Not in the mood for an upbeat language lesson? Perfect, because today it's all about what we don't like or just plain disapprove of!

Hello and häerzlech wëllkomm to yet another Luxembourgish Lesson! In our last lesson, we talked about what we like and appreciate in our lives, and we all had a wonderful time (presumably). However, we can't teach you how to say that you like something without then also teaching you how to do the opposite: That's right, it's time for a rather grumpy lesson as we discover how to express dislike, disapproval, and even hatred in Luxembourgish.

But it's not all negativity and complaining today! We also have another Language Basics article for you to check out, a deep dive into the *very* riveting topic of grammatical cases.

Saying That You Dislike Something

In the last lesson, we learned that we can express the English verb "to like" by combing a verb with the adverb gär in Luxembourgish. As a quick reminder, if the thing we like is an action, we simply add gär to that verb (I like cooking à Ech kache gär) and if the thing we like is an object or person we use the verb hunn (I like this film à Ech hunn de Film gär).

Knowing this, saying that we dislike something becomes quite easy as we simply have to negate the sentence. To do this, we use the equivalent of the English "not": net

I like it -> Ech hunn et gär

I don't like it -> Ech hunn et net gär

net always precedes gär. Here are some more example sentences:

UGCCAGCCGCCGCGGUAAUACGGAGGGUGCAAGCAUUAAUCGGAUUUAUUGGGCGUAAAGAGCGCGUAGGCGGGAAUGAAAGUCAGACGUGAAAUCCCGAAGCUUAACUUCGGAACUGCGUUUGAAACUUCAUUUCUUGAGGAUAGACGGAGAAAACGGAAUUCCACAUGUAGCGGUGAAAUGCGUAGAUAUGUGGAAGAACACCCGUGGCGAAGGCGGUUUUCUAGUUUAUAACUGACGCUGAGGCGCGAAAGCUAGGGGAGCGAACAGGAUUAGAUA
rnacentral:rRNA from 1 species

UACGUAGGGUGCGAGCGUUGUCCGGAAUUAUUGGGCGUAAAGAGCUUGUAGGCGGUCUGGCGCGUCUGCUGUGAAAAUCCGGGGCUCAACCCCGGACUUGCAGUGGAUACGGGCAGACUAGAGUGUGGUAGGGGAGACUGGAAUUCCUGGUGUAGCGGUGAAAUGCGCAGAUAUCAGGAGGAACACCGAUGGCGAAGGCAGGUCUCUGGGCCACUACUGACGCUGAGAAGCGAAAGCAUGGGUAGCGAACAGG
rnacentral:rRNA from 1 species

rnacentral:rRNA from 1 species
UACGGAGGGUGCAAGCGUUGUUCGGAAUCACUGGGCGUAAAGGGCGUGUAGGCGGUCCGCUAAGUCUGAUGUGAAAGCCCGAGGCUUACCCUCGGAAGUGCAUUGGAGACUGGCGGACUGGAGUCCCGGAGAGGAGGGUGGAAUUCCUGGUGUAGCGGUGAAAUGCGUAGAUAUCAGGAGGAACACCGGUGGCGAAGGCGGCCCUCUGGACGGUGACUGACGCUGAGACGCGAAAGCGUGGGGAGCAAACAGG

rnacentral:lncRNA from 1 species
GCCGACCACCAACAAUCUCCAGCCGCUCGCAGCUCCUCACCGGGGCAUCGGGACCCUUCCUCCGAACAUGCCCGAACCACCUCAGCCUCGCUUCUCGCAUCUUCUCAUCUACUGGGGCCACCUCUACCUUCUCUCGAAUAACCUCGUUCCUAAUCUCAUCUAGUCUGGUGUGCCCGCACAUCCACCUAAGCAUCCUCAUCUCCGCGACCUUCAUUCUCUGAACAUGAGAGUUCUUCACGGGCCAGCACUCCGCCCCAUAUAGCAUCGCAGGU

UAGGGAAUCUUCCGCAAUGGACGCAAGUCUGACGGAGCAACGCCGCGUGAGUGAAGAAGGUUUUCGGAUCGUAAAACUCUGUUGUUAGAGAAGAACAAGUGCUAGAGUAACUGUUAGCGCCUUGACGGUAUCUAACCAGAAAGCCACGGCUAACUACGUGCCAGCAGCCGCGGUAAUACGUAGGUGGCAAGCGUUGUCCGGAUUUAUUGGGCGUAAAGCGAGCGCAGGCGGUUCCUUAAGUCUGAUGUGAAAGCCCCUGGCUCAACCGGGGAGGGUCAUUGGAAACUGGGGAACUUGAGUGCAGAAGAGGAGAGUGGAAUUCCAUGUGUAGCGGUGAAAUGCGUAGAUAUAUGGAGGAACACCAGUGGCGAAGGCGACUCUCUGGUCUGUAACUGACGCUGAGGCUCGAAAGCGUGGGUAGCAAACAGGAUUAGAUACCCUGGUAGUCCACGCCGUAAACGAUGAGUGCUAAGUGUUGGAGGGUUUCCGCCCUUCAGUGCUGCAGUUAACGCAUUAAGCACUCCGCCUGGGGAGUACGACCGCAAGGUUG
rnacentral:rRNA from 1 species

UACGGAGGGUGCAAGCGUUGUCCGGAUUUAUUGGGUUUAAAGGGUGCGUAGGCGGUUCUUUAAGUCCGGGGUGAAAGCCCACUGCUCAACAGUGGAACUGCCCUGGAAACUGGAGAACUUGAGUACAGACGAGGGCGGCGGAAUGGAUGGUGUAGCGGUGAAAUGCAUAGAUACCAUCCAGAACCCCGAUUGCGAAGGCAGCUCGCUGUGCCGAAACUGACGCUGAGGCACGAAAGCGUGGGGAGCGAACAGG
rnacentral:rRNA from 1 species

We don't like queuing -> Mir stinn net gär an der Schlaang (literally: "We don't like standing in the queue")

You (singular) don't like beer -> Du hues Béier net gär

They don't like cycling -> Si fueren net gär mam Vëlo (literally: "They don't like driving with the bike")

He doesn't like cooking -> Hie kacht net gär


Good to know: In Luxembourgish, the word for "snake" and "queue" is the same: Schlaang.

We should also point out that there is no direct translation for the verb "to dislike" – but there are some other ways that you can express your disapproval and we'll get to those shortly.

You may also remember that we learned a second way to express approval in the last lesson, namely by using the verb gefalen ("to please")

I like it -> Et gefält mir ("It pleases me")

I don't like it -> Et gefält mir net("It does not please me")

If we use gefalen in the Present tense, the net always comes at the end of the sentence. Let's look at some more examples to illustrate the concept:

I don't like this book at all -> Dat Buch gefält mir iwwerhaapt net

We don't like this couch -> Dës Couche gefält eis net

She doesn't like this colour -> Dës Faarf gefält him net


Saying That You Hate Something

In contrast to the verb "to love" Luxembourgish actually has a direct equivalent for the verb "to hate": haassen. It is a regular verb and you can translate it directly from English:

I hate that -> Ech haassen dat

Similar to English, we should keep in mind that "to hate" is quite a strong feeling and we should avoid using it excessively.

Some More Ways to Express Dislike / Disapproval

This is awful -> Dat ass fuerchtbar

I won't do it -> Ech maachen et net / Ech wäert et net maachen

What a load of rubbish -> Wat fir ee Blödsinn

This makes my blood boil -> Dat mëscht mech schwäirosen (literally: "This makes me pig-angry")


Get lost! -> Klibber mech!

What an idiot -> Wat fir een Topert / Idiot

I can't stand him / her -> Ech kann hien / hatt net leiden / ausstoen

He really gets on my nerves -> Hie geet mir richteg op de Su (literally: "He really gets on the coin")